2.5GS/s high definition oscilloscope equipped with true 12-bit ADC

October 22, 2012 // By Julien Happich
Teledyne LeCroy's HDO4000 and HDO6000 high definition oscilloscopes are the company’s first instruments to operate with the so-called HD4096 high definition technology (4096 levels of quantization thanks to a 12-bit ADC).

Designed with a new SiGe front-end and a new hardware platform to improve signal to noise ratio, especially by further eliminating noise from the power supply, the instruments acquire waveforms that are cleaner and crisper with 16 times more vertical resolution than traditional 8-bit instruments. Waveform details which were previously difficult to see can now be easily distinguished and measured. The HDO4000 oscilloscopes feature a sample rate of 2.5 GS/s with up to 25 Mpts/channel of memory (up to 50 Mpts/ch when interleaved) in two- and four-channel models from 200 MHz to 1 GHz. The HDO6000 oscilloscopes available in four-channel models deliver sample rates of 2.5 GS/s; a maximum 250-Mpts/channel memory, and bandwidths of 350 MHz, 500 MHz, and 1 GHz. All HDO models have a 12.1” touch display that gives users an easy means of controlling channels, trigger settings, and math and measurement functions.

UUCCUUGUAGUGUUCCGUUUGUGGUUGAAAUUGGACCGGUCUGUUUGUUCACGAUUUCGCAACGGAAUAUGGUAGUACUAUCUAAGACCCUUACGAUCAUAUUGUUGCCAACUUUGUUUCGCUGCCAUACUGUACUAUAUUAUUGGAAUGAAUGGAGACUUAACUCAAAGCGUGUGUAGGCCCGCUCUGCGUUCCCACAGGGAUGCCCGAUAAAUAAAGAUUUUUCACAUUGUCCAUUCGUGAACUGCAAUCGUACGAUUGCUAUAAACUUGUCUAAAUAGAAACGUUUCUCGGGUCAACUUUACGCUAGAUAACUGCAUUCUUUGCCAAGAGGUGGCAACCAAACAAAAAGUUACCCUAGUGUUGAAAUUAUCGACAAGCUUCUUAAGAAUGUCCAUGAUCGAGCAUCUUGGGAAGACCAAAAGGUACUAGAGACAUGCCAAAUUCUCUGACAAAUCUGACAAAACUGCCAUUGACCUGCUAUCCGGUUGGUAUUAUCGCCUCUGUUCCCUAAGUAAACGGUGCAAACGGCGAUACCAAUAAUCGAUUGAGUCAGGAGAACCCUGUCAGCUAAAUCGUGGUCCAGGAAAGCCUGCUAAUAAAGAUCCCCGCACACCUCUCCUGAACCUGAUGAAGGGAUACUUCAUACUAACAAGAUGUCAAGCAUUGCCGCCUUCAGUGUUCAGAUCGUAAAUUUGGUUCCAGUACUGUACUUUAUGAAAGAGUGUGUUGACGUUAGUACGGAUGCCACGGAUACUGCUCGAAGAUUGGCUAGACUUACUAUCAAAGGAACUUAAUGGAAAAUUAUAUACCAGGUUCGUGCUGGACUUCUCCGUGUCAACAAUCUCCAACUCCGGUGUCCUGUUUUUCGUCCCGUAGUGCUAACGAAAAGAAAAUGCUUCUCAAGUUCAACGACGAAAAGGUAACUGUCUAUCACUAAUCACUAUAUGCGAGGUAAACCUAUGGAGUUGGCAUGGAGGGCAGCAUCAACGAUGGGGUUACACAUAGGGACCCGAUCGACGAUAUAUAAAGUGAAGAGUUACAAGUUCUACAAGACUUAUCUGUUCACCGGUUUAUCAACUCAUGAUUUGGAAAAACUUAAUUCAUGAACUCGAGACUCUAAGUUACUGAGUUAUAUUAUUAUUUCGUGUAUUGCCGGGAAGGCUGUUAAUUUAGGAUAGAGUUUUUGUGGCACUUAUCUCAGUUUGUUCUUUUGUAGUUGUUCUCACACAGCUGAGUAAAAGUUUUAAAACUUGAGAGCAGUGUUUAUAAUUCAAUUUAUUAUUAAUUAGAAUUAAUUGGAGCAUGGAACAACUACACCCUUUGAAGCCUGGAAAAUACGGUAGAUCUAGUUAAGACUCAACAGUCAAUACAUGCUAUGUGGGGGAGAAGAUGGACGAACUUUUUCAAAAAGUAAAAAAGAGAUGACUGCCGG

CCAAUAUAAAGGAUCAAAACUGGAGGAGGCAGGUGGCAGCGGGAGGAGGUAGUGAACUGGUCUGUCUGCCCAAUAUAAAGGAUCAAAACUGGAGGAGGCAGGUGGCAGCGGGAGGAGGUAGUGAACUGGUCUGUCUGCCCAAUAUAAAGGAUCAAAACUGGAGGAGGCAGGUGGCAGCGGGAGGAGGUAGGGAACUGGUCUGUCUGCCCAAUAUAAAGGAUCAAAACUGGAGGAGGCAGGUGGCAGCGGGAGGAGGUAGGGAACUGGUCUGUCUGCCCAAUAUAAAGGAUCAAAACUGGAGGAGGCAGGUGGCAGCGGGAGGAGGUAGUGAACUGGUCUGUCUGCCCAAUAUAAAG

These tools include WaveScan search and find, history mode waveform playback, sequence acquisition mode, and LabNotebook report generation. Spectrum-analysis and power-measurement software packages extend the oscilloscopes’ capabilities while leveraging their 12-bit architecture with its wider dynamic range and improved measurement precision.

In addition to HD4096 technology, the HDO features Teledyne LeCroy’s ERES (Enhanced Resolution) filtering, which enables users to gain up to three additional bits of resolution for 15-bit vertical resolution.

Also available for the HDO are software packages that serve to sharpen the instruments’ focus on two key analysis areas that affect a broad range of design and debug tasks. The Spectrum Analyzer software converts the controls of an HDO into those of a spectrum analyzer. It enables users to adjust the frequency span, resolution bandwidth, and center frequency. Users can apply filters to input signals and watch the frequency signature change in real time. A unique peak search labels spectral components and presents frequency and level in a table. Users may touch any line to move to that peak. They can use the